Mockups Quicken the Chair Design Process
Same-sized models of chairs solve problems before they can cause a deadlock in the workshop.
Synopsis: Most furniture designs start with a two-dimensional drawing, but drawings can fail to capture the complexities of a three-dimensional object and they’re worthless for determining comfort, writes custom furniture maker Keith Allen. He shows how to skip the drawing and begin with a full-scale mock-up. In his mock-ups, Allen deals first with size, geometry, and ergonomics, and then addresses form and aesthetic details. His method alleviates what he calls the tedium factor in building chairs.
Compared to any other furniture, chairs are more difficult to make. They’re hard to design and hard to build. They need to be as lightweight as possible to make them easy to move around. Yet they also need to be strong to survive almost certain abuse. Most furniture designs begin with two-dimensional drawings, but drawings can fail to capture the complexities of a three-dimensional object such as a chair, and drawings are worthless for determining comfort.
To my mind, the chair maker’s ultimate challenge is psychological. After surmounting all of the obstacles to design and construction, the custom chair maker is then called upon to produce precisely repeated multiples. I regard this boredom factor as the most difficult aspect of chair making.
For chairs, I usually dispense with drawings and begin instead with three-dimensional mock-ups. I can test-drive a good mockup for comfort, and I can better assess how the chair is going to look. The mock-up can reveal any structural weakness early on as well as provide a convenient basis for precisely cloning multiples if I have more than one chair to make.
I make mock-ups of inexpensive, even junk, material. The parts are typically fastened together with butt joints, using a few toenailed screws per joint. I use #2 square-drive screws, 2 in. to 3 in. long, and predrill pilot holes and countersinks for the screw heads. Cutting a dry biscuit joint in the pieces being joined often makes it easier to align them during assembly.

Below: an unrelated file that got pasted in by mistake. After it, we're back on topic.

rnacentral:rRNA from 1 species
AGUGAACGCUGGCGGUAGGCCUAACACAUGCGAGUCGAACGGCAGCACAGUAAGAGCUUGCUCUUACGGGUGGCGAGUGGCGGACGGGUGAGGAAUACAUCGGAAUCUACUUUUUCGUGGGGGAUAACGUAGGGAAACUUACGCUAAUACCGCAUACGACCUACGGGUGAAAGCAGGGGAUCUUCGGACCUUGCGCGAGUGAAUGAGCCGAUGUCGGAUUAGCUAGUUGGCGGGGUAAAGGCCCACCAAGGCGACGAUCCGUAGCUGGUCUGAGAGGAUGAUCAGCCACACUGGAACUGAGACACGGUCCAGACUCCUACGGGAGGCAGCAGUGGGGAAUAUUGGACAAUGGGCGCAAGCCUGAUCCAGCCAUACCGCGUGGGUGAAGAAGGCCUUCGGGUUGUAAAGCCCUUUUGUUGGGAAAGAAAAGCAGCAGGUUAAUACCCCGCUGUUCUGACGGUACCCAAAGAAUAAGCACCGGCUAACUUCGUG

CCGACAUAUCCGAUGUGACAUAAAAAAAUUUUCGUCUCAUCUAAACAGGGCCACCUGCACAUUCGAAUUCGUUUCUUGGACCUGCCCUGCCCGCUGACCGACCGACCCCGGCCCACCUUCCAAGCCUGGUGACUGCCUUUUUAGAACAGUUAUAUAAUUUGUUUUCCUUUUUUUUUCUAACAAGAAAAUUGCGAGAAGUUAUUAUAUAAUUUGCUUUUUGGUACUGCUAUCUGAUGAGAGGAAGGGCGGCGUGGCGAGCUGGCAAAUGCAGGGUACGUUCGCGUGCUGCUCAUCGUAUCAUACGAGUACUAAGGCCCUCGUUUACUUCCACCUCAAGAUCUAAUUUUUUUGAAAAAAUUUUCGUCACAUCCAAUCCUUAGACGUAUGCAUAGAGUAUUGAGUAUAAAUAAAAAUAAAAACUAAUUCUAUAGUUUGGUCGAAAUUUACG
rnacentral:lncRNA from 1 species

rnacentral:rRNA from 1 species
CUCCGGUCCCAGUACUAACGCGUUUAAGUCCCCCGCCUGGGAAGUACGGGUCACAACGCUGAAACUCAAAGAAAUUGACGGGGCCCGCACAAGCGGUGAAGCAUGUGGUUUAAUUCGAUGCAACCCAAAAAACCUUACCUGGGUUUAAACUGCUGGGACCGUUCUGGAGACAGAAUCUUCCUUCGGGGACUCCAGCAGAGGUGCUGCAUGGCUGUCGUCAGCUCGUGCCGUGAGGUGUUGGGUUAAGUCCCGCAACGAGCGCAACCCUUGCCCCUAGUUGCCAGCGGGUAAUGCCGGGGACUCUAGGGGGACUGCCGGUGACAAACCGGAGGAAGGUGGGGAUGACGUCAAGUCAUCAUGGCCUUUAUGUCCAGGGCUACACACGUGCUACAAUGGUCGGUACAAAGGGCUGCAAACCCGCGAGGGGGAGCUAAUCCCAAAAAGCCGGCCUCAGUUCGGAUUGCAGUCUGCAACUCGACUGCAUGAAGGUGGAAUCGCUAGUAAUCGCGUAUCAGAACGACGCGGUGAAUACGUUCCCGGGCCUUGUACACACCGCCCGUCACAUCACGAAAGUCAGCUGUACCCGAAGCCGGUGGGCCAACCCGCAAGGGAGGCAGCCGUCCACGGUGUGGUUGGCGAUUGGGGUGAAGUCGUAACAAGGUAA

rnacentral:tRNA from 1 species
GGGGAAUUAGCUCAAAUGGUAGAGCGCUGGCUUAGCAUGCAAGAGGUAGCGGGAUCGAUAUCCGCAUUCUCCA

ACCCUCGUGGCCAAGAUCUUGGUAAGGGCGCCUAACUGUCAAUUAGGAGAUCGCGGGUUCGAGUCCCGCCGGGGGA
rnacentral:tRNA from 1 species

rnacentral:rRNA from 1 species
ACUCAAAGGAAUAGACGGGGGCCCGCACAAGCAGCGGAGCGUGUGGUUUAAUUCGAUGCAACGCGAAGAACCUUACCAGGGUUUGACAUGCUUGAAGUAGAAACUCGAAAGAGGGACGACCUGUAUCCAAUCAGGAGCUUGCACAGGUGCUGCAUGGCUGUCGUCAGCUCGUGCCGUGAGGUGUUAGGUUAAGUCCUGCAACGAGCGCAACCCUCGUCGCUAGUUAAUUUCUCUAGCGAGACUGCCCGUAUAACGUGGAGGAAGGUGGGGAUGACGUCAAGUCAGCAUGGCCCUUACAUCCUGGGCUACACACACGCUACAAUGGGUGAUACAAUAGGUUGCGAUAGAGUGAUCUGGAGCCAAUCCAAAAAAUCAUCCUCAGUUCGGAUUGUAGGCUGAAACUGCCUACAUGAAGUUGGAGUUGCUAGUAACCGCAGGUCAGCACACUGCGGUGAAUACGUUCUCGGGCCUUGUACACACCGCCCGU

You can easily change the dimensions and the joint geometry of mock-up parts by trial and error, as the chair design evolves experimentally. A compound-miter saw is a useful tool for this process. I record angle setups directly on the pieces as I cut them. The resulting mock-up is strong enough to test for comfort, and the temporary joinery gives me a good feel for whether permanent joinery will be strong enough to withstand likely abuse.
Make the transitions in stages
I’ve learned to make mock-ups in two stages. During the first stage, I determine the size and geometry of the parts and resolve ergonomic issues: how wide to make the front of the seat, for instance. In the second stage, I concentrate on form and aesthetic details: Should the top edge of the crest rail be rounded over or left square?
From Fine Woodworking #139
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